For anyone interested in playing music that predates ragtime, I recommend Harry Turner's 'Melodious Banjo Studies And Exercises', that is in the Tutor Books section.

It was written for 'Young Students', with second parts for a 'Master'.

I have searched the archives and it doesn't appear to have been mentioned before. From this beginner's point of view, it is a very enjoyable and satisfying collection of compositions.

I'd like to know if anyone agrees with me.

Kind regards, Ian.

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I mostly agree. These are useful exercises. If practiced with care and attention they will help establish the skills that each was designed for.  They are not inspired or memorable musical compositions but  I think they are as good or better than the equivalent in some other contemporary and later tutors. However I don't think anything in this book was intended to be a genuine "Banjo Solo" to be performed. These are pleasant learning tools.  There is a sameness to some of the first pieces. That might be an advantage when learning how to play in different keys.  I don't know what to make of the word "harmonice".  Is this Latin? Perhaps a type setters error for "harmonics"? 

I'm particularly interested in the music from that period and spent a number of years playing it on the fiddle. Now that I'm only concentrating on learning the banjo, it is good to find the polka, schottische, march and waltz in the earlier tutors. This book by Turner provides, as you suggested, a useful and very pleasant supplement to Ellis's books from which I'm learning the basic techniques.

My intention is to progress through the available publications in chronological order, to experience the development of banjo playing.

A good place to find such music is the back issues of the American Banjo Fraternity journal The FIve-Stringer. These come from an array of 19th century banjo tutors and have been selected for their musicality as well as for their historical interest. Some has been transposed from G or A notation to C notation. 

IAN SALTER said:

I'm particularly interested in the music from that period and spent a number of years playing it on the fiddle. Now that I'm only concentrating on learning the banjo, it is good to find the polka, schottische, march and waltz in the earlier tutors. This book by Turner provides, as you suggested, a useful and very pleasant supplement to Ellis's books from which I'm learning the basic techniques.

My intention is to progress through the available publications in chronological order, to experience the development of banjo playing.

Hi Ian,  what do you mean by "that period?"

As far as I can tell, the English did not get "serious" about the banjo until the mid 1880s.  This aligns with the pitch change of the banjo up to "Concert C"-- or what we use now.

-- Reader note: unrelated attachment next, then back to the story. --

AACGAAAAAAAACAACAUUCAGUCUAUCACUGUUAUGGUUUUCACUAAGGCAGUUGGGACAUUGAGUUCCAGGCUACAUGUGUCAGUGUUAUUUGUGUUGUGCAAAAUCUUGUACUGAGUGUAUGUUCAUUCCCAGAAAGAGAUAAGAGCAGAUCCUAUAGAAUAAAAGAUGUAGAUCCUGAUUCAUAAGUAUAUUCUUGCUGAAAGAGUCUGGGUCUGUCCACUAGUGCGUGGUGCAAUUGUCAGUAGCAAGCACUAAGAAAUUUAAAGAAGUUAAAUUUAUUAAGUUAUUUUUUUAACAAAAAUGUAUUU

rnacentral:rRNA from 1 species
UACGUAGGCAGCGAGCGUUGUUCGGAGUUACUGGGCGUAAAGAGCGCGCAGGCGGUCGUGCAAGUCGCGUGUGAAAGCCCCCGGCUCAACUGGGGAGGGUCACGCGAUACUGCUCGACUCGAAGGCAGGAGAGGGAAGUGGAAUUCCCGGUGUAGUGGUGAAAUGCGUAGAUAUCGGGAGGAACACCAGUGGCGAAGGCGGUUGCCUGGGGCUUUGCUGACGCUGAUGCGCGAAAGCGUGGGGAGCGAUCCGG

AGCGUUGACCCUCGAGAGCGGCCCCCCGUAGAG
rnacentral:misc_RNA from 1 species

If you want to study banjo and progress, chronological (which is  pretty much what I did), you will want to start with "Briggs" Banjo Instructor" of 1855 and learn stroke style (with a thimble).

Continue on through Rice, Buckley, Converse 65 "Green", Buckley 1868 (collection of solos), and into the 1870s with the Various Dobson family publications and Converse "The Banjoist".  1879 brings the start of printed music and a lead in to the explosion of the banjo fad with a cascade of instruction books.  By the mid 1880s you have Converse"s "Analytical Banjo Method." 

All of that is in A notation except for "Briggs".

My advice... you can learn that way but I recommend ignoring all of the early right hand fingering info and jumping straight into the correct system of alternate fingering.  Alternate fingering is the key to playing classic banjo smoothly.  Learn it first.

It first shows up in books from the last half of the 1890s but I am sure that pros were using it before and just keeping it from the masses.

For stroke style, Converse's books tend to have good right hand fingering with the best being his Analytical Banjo Method.

After the mid 1880s you can move on to C notation and straddle the "pond".  It is a little weird switching back and forth from A to C notation but it is not impossible as I can do it.

Jody, thank you for that information. I will have a look at it.

Joel, what I should have said was, the period around 1880 which as you say, was when the banjo began to become popular in England.

In 2011, I first took up the banjo when I bought an Eric Prust basic tackhead, put gut strings on it and got a facsimile of Briggs' book. By following the instructions, I made good progress and enjoyed it very much.

However, as I began to read about the history of the instrument, it was its development and export to England that interested me more than the earlier American chapter. With that in mind, I tried to find out if any of the method books that you've mentioned, were also published in England and had been readily available to the amateur musician. As I wasn't able to establish that, I decided to 'jump in' and proceed from the publication of 'Ellis's Thorough School For The Five Stringed Banjo'.

I have had many conversations with fellow musicians on the subject of 'Historically Informed Performance' and how to apply it to vernacular music making. More often than not, I found myself alone in believing that it is a worthwhile pursuit, even if undertaken with a somewhat narrower view than is usual when researching, for example 'Art Music'. 

As I no longer have any interest in playing my other instruments and notwithstanding my current domestic situation, I intend to commit to learning the banjo as instructed by Mr.Ellis, and whilst I won't be donning period costume, I will imagine that if I did, the music I make would be appropriately accurate.

Did wearing period clothes change your approach to the performance of music from different time periods?

Kind regards, Ian.

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